According to the sloths we here at Wesleying hired to research the tastes and preferences of our readers, these are precisely the things that appeal to you folks. For the article, click here.
Happy Hangover Holiday!
Why are we in college again?
This is a question that probably runs across the minds of many attending colleges and universities across this country at some point during their undergraduate tenures. There are of course many among us who have some understanding that the diplomas we are to receive give us some sort of “proof of worth” that in turn allows us beter access into the job market. And indeed, this is perhaps the true case of our modern times in complex societies.
But taking that truth within the context of the financial realities that come with it (see: an almost certain future of debt) highlights what can only be described as a perverse internalization of the “higher education” concept by society: It is an accepted convention that we are supposed to whip out large amounts of cash in order to be able or allowed to receive some decent amount of cash in the future (and even that’s not guaranteed).
This appears to me nothing less than a clear example of an absurdity made normal. And so it does to Peter Thiel (pictured) – co-founder of Paypal – as well who, as chronicled in a recent article by TechCrunch, is seeking to undermine this convention. Thiel is part of a project called “20 under 20,” where the idea is quite simple: Pick the best twenty kids they could find under 20 years of age and pay them $100,000 over two years to leave school and start a company instead.
In vouching for the notion of diploma-free success, Thiel is fighting what he calls the “Higher Education Bubble,” which he sees as having irrational and detrimental social processes that are quite similar to what we saw with the housing bubble that greatly contributed to the late-2000’s financial crisis. Fascinating stuff.
You can check out the article here.
[Thanks to Anike Arni ’13 for the tip!]
Déjà Vu ensues at Wes.
You might remember a Wesleying post over the summer regarding a Wes student ’12 whose family financial situation, coupled with his international status, rendered tuition for the coming semester all but completely unaffordable. Distraught but unbeaten, the student set up an extensive website and Facebook page soliciting donations and ideas for how to raise upwards of $60,000 in one summer. That student did not end up returning to Wesleyan this term. His website is no longer online. But the Wesleying comments section (archived here) unleashed some worthwhile (and unnecessarily ugly) debate, ranging from sincere outpourings of sympathy (“even if you don’t want to donate, show him some support!”) to terse dismissal (“Get a fucking job”) and much in between.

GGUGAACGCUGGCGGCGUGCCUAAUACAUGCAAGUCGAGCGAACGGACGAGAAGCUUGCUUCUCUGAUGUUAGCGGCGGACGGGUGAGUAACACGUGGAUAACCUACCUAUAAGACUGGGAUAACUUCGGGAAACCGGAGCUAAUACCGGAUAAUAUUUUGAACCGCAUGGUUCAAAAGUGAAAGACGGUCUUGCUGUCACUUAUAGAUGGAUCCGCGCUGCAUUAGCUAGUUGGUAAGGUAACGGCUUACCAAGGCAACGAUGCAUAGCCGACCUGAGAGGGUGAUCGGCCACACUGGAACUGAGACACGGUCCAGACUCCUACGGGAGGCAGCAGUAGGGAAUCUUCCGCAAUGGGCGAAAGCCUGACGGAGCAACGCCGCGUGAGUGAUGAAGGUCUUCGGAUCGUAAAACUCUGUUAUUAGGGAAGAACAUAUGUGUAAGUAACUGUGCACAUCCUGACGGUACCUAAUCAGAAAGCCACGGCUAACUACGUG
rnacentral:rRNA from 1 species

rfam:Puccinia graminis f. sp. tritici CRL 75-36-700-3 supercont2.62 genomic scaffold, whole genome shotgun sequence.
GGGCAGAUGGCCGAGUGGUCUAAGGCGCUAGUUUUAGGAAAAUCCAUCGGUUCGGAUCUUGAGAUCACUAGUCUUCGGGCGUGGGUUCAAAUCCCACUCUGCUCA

A recent Gawker story, regarding a 2009 graduate of Northeastern University who is now soliciting donations to help her cover over $200,000(!!) in student loans, offers startling parallels. Kelli Space, 23, has also set up a website to plead her case and seek generous contributions: TwoHundredThou.com. She even provides the horrifying repayment schedule itself. For a 23-year-old, this is pretty goddamn bleak. She writes to Gawker:
The severity of my situation goes a bit deeper than “I owe this money, help me” – I am actually forced to live with my parents (forced = I am lucky! But…) as the monthly payments for just my private loans are currently $891 until Nov 2011 when they increase to $1600 per month for the following 20 years… attached is my payment plan. I also mentioned I have a job – which is great! And I probably have my college education to thank for that! Except there is still no way to make these monthly payments, and live on my own as a contributing member of society. Neither of my parents, nor I, really knew how this would pan out — unfortunately — and now that I’m here, I see no real light at the end of the tunnel.
With all this talk about rankings and all the fire that for-profit schools have come under recently, Gawker decided to try and rank the ‘real’ colleges whose students have amassed the most debt. They took total debt, which made bigger schools come out on top, giving NYU a not-so-surprising win.
But what about Wesleyan? What about debt per student, which is probably a better measure in the first place? We’ve always know that Wesleyan is an expensive place to go to, with one of the highest tuitions and comprehensive costs in the nation, but let’s take a look at the debt burden it places on the students. The “Median Federal Debt for Those Entering Repayment” for Wesleyan was $11,384.
Yes, Wesleyan’s $11,384 median looks meager compared to NYU’s behemoth of $28,649 (which isn’t even the highest). But what about comparable institutions? Our Little Three ‘frenemies’ Williams and Amherst have nearly identical medians at about $7,700 (are they even distinguishable schools anymore?), over $3,500 less than us. Nearby Connecticut College, however, has a similar if higher load. Vassar, who we seem to be compared to a lot, is also essentially similar to us in Median Federal Debt. Our “Estimated Repayment Rate” is lower than any of our peers though.
The source information comes from the US Department of Education’s ED.gov, which has other useful information. Click here for the relevant statistics directly from them. Click here for Gawker’s Top Ten Universities for Student Debt.
Sorry for the awfully Argus-y post.